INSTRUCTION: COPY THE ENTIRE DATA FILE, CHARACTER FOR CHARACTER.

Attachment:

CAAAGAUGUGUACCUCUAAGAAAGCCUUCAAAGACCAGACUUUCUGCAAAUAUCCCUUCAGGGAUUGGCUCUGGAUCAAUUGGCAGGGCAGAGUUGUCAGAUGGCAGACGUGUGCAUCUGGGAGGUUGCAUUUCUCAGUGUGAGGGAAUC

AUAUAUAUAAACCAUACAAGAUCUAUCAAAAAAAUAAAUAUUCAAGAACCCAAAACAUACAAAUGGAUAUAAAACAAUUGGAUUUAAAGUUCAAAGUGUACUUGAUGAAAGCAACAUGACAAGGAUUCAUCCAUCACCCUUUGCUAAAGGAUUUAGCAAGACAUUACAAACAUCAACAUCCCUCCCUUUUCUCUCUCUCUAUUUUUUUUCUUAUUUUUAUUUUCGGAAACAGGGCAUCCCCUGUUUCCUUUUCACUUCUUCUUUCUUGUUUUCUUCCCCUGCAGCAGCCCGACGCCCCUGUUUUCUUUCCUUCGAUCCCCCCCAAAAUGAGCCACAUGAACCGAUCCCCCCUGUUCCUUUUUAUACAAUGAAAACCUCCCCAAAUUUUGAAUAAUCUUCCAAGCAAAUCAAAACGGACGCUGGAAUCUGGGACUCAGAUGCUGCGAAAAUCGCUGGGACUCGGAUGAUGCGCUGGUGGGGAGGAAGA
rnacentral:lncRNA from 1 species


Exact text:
CAAAGAUGUGUACCUCUAAGAAAGCCUUCAAAGACCAGACUUUCUGCAAAUAUCCCUUCAGGGAUUGGCUCUGGAUCAAUUGGCAGGGCAGAGUUGUCAGAUGGCAGACGUGUGCAUCUGGGAGGUUGCAUUUCUCAGUGUGAGGGAAUC

AUAUAUAUAAACCAUACAAGAUCUAUCAAAAAAAUAAAUAUUCAAGAACCCAAAACAUACAAAUGGAUAUAAAACAAUUGGAUUUAAAGUUCAAAGUGUACUUGAUGAAAGCAACAUGACAAGGAUUCAUCCAUCACCCUUUGCUAAAGGAUUUAGCAAGACAUUACAAACAUCAACAUCCCUCCCUUUUCUCUCUCUCUAUUUUUUUUCUUAUUUUUAUUUUCGGAAACAGGGCAUCCCCUGUUUCCUUUUCACUUCUUCUUUCUUGUUUUCUUCCCCUGCAGCAGCCCGACGCCCCUGUUUUCUUUCCUUCGAUCCCCCCCAAAAUGAGCCACAUGAACCGAUCCCCCCUGUUCCUUUUUAUACAAUGAAAACCUCCCCAAAUUUUGAAUAAUCUUCCAAGCAAAUCAAAACGGACGCUGGAAUCUGGGACUCAGAUGCUGCGAAAAUCGCUGGGACUCGGAUGAUGCGCUGGUGGGGAGGAAGA
rnacentral:lncRNA from 1 species